Grill More Fruit
Inspired by conversations on the Food52 Hotline, we’re sharing tips and tricks that make navigating all of our kitchens easier and more fun.
Today: Jessica Goldman Foung (a.k.a. Sodium Girl) is giving her fruit some fire.
Throughout most of the year, there are five main tastes to play with: sweet, salty, sour, bitter, and umami. But during the summer, when the grill fires up, an unofficial sixth taste busts its way into the flavor game: smoky. And while that little bit of heat and char is what makes juicy burgers taste so good, it also does wonders for your fruit, too — just imagine the potential ambrosia makeover.
Why grill fruit? For one, it means that you can cook an entire meal, from appetizer to dessert, in one place, which minimizes cleanup. But more importantly, grilling will caramelize the natural sugars in fruit, and lock in its flavor.
So save room on the grill and use these tips to fire up your summer produce. Because your fruit deserves more than a salad bowl.
What Fruit To Use
Honestly, anything fresh and in season will work. Just make sure to pick produce that’s just slightly ripe; firmer fruit stands up better to the heat.
How to Prep Fruit
It’s best to leave the peels on your fruit — this will help hold its shape.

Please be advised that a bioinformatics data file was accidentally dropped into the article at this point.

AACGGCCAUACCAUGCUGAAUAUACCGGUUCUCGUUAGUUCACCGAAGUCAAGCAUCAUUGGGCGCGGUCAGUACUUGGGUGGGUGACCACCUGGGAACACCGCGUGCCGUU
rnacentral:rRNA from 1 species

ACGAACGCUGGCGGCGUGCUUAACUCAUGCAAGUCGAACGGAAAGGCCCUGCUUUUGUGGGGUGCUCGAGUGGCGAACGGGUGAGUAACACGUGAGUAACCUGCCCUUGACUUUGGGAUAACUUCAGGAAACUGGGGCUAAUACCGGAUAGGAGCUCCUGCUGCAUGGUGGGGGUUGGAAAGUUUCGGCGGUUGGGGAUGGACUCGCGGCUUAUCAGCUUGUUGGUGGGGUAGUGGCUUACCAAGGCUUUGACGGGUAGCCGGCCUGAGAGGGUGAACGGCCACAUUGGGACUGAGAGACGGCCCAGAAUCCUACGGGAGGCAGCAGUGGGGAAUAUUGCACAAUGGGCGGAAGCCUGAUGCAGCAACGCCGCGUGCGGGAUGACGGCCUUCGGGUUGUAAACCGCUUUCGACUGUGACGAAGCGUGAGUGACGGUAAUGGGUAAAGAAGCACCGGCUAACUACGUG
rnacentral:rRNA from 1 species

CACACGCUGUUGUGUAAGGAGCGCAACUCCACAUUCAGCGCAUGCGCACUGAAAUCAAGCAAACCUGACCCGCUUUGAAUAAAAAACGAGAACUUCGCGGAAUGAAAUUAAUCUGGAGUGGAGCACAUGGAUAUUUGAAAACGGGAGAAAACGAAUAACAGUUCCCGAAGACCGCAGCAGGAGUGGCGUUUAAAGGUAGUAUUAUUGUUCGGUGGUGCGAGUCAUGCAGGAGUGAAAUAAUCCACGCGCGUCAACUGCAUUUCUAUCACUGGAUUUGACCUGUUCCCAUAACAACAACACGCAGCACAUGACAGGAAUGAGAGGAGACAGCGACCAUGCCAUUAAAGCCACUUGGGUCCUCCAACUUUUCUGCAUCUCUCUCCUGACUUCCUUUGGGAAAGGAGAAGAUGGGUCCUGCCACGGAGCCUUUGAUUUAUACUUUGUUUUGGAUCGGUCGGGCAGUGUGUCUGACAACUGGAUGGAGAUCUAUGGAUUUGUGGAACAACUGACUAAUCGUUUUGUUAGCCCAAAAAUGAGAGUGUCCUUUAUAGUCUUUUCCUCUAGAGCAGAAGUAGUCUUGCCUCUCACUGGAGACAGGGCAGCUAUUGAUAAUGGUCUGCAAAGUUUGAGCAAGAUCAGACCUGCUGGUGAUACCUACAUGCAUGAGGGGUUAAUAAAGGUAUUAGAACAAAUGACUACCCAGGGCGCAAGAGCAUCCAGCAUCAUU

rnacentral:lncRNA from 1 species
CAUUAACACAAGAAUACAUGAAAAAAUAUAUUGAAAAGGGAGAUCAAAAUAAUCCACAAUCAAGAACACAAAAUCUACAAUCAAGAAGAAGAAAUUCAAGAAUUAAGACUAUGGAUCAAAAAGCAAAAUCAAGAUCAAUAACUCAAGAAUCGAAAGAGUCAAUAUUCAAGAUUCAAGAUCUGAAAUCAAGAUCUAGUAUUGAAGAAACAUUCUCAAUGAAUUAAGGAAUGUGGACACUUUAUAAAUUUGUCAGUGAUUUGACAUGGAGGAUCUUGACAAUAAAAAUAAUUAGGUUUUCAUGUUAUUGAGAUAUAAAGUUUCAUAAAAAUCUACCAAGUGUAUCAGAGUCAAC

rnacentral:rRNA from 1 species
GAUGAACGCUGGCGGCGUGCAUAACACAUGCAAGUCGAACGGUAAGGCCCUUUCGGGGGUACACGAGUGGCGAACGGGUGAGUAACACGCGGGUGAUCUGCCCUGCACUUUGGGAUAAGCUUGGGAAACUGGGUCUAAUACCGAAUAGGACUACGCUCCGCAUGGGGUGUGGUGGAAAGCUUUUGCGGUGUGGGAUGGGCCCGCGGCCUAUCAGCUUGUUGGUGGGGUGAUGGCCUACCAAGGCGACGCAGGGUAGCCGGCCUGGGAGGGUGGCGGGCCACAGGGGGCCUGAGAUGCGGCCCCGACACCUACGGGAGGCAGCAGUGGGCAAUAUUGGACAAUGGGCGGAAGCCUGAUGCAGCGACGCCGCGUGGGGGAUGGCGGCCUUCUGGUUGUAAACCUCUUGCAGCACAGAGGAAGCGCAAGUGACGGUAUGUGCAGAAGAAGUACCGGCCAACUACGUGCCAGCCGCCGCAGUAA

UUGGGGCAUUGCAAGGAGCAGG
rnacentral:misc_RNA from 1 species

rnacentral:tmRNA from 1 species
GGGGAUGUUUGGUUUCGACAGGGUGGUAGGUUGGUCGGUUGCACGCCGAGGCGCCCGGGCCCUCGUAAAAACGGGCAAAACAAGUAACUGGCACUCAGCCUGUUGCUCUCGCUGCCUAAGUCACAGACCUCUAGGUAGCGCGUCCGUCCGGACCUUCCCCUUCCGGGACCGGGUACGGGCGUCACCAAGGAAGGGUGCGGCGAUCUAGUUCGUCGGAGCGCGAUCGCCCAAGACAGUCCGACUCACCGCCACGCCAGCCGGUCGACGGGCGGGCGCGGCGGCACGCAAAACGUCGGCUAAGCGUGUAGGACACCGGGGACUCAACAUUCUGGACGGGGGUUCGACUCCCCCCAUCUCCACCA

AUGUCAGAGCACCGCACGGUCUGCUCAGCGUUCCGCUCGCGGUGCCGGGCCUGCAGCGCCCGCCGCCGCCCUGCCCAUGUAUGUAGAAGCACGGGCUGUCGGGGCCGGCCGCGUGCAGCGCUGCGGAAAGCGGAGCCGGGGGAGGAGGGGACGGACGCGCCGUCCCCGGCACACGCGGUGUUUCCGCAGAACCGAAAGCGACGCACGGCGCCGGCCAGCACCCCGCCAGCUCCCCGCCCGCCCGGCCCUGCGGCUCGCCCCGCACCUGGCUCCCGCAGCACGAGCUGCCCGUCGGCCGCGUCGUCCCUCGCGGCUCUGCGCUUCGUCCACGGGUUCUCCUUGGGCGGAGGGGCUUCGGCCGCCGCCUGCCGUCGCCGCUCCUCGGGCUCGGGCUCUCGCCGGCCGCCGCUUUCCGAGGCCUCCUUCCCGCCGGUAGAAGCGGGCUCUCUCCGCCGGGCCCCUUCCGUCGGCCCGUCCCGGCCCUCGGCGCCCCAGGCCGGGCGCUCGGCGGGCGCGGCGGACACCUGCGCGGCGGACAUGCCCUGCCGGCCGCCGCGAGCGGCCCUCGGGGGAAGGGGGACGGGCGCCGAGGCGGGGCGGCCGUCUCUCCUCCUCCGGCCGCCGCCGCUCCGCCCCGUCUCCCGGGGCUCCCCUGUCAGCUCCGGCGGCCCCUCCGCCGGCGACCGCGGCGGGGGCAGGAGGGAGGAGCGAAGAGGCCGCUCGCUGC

As for knife work:
- Cut larger fruit — like watermelon, mango, pineapple, and cantaloupes — into wedges.
- Cut medium-sized, rounder fruit — like avocados, bananas, apples, figs, citrus, peaches, and pears — in half and remove pits, cores, and seeds. (Then fill up those pockets with everything from couscous to ice cream.)
- For small fruit — like berries, tomatoes, and grapes — or slices of fruit, use skewers or a grill basket.
Then, be sure to brush the fleshy side with neutral oil (coconut, grapeseed, canola) or melted butter before hitting the grill.
How to Give Fruit Flare
Fruit loves a good marinade or a glaze. Go sweet (citrus juice, maple syrup, honey); go savory (vinegar, herbs, and even barbecue sauce); go spicy (chili powder, smoked paprika, a curry blend); or go off the wagon with a splash of bourbon or Grand Marnier.